How to Choose the Right Pedometer for You

Contrary to popular belief, not all pedometers are the same. In fact, there are three main methods that pedometers use to count steps and each one has its pros and cons. Aside from the mechanisms, different pedometers also have different features that may be more relevant for some people than for others.

How to Choose the Right Pedometer for You

Types of Pedometers
There are three main types of pedometer mechanisms. The method the pedometer uses can significantly impact the accuracy as well as the place that it is worn.

  • Hair Spring: This is the oldest method and it is one that remains quite accurate except that it must be worn vertically to work effectively. Generally, when companies provide a free pedometer this is the type that they offer because it is the most affordable.
  • Accelerometer: These are the most effective and accurate of all three types and can generally be worn anywhere on the body. They also tend to offer more of the advanced features discussed below than either of the other two methods which makes them the most expensive option.
  • Coiled Spring: This type of pedometer is in between the other two in terms of both pricing and accuracy. It also works best when worn vertically and may offer some advanced features but is not as effective as an accelerometer.

Ways to Wear Pedometers

There are three main ways to wear a pedometer. The right pedometer for you depends quite bit upon how you plan to wear it. In addition to how it is worn, the size is also important to consider based upon your level of comfort wearing it.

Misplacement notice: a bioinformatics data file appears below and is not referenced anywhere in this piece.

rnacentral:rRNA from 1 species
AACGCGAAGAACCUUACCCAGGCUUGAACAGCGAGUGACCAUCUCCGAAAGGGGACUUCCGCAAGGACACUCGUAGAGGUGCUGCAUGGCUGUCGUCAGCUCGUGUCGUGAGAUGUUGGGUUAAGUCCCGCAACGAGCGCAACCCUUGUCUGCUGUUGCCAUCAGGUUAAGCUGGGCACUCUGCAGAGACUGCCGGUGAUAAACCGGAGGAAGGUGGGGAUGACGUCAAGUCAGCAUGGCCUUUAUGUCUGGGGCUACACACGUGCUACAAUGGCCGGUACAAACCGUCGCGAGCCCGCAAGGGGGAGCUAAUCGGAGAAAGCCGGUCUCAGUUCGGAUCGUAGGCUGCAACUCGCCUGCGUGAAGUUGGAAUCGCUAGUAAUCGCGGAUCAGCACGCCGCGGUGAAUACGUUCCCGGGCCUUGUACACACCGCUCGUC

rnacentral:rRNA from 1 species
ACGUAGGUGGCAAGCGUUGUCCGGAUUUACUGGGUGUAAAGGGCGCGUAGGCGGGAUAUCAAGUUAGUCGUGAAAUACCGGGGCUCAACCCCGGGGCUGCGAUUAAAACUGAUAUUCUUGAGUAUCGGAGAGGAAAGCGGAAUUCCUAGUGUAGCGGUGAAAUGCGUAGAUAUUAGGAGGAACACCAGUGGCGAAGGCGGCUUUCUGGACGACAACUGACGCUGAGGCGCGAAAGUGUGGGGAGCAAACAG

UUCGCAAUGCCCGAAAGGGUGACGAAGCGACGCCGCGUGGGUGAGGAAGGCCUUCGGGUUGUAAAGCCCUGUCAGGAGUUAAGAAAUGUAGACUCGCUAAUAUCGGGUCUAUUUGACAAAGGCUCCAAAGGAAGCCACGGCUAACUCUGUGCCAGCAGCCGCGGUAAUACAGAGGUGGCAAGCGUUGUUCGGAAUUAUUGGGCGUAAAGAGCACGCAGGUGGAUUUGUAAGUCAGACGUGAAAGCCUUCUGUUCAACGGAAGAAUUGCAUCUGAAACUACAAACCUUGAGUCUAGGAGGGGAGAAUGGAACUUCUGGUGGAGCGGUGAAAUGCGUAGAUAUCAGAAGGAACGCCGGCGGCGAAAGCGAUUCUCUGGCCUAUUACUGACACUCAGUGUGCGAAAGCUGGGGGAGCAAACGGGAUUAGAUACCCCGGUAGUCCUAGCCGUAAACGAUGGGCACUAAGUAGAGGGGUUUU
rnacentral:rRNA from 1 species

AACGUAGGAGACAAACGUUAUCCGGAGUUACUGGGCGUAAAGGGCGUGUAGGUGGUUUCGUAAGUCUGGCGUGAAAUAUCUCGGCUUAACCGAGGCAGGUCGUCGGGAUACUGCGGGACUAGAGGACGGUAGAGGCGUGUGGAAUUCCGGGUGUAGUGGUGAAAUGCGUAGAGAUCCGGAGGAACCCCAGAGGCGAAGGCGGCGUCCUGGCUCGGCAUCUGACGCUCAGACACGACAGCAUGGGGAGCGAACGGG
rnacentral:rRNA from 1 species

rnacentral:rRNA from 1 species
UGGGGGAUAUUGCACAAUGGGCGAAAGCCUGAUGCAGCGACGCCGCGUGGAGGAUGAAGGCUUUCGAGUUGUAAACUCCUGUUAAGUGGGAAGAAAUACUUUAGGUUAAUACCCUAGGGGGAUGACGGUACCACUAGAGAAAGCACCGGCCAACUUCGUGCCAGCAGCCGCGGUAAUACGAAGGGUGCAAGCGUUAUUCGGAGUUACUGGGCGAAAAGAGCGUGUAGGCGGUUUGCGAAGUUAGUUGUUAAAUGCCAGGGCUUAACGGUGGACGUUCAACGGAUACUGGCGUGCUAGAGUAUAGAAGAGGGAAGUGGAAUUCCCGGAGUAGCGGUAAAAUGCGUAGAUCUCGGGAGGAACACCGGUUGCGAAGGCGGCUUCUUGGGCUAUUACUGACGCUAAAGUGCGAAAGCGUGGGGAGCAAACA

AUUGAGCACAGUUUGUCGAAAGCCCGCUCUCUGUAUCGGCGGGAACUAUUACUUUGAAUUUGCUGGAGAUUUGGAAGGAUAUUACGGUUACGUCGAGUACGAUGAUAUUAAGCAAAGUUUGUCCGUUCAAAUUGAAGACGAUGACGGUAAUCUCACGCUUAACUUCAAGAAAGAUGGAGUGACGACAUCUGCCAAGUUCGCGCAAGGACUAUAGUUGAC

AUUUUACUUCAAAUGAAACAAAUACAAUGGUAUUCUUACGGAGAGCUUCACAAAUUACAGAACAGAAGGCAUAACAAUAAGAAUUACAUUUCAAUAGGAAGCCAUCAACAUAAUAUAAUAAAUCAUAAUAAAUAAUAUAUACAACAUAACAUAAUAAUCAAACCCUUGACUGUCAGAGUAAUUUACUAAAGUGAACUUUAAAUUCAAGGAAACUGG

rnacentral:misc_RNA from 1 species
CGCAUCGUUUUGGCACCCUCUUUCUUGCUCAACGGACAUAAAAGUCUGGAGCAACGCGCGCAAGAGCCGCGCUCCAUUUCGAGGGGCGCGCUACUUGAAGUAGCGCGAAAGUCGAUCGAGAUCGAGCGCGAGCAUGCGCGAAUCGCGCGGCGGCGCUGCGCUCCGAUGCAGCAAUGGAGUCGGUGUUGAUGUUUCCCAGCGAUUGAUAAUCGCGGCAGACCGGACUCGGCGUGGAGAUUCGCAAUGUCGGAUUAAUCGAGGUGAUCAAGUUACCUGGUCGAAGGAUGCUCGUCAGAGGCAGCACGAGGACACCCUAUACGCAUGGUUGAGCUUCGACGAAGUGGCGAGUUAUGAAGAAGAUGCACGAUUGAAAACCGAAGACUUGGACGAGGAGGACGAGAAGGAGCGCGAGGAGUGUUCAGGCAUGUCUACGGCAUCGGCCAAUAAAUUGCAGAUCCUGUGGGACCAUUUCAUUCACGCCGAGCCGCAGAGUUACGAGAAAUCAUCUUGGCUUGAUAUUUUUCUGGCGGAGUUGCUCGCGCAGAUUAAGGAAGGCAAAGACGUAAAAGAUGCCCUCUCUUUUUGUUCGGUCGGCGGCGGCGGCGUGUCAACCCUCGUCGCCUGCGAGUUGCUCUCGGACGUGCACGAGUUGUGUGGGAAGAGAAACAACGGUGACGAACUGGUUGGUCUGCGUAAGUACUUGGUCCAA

• Waistband Pedometer: it is one of the most popular. However, they are the older style that has to be entirely straight up and down to work effectively. This means that if you have a body that will not keep the pedometer perfectly vertical then this type is not for you.
  • Pocket Pedometer: It is also known as a wear anywhere pedometer because it works well in any position. These types are traditionally a bit more expensive than the waistband option but they are also more accurate in any position.
  • Watch Pedometer: They are generally used only for tracking a specific walk. In other words, they do not count daily steps that you take. So a watch pedometer is ideal if you only plan to track individual workouts.

Additional Features
Pedometers vary quite a bit in terms of the features that they offer. It is important to determine which features matter to you when selecting the right one. Below are some of the more popular features that may help you decide what matters.

  • Calorie Estimate: Many people are interested in knowing how many calories they have burned walking and some pedometers estimate this number.
  • Pedometer Apps: Some pedometers can be uploaded to the computer and have mobile apps associated with them to keep track of progress.
  • Goal Setting: One of the major reasons that people use pedometers is to be a motivating tool and many offer a feature to set a daily, weekly, or monthly goal.
  • Pulse Monitoring: For a lot of people it is important to keep track of their pulse and some pedometers offer this advanced feature.
  • Clock & Alarm: Another nice feature on many pedometers is a clock and an alarm which makes it function dually as a watch.

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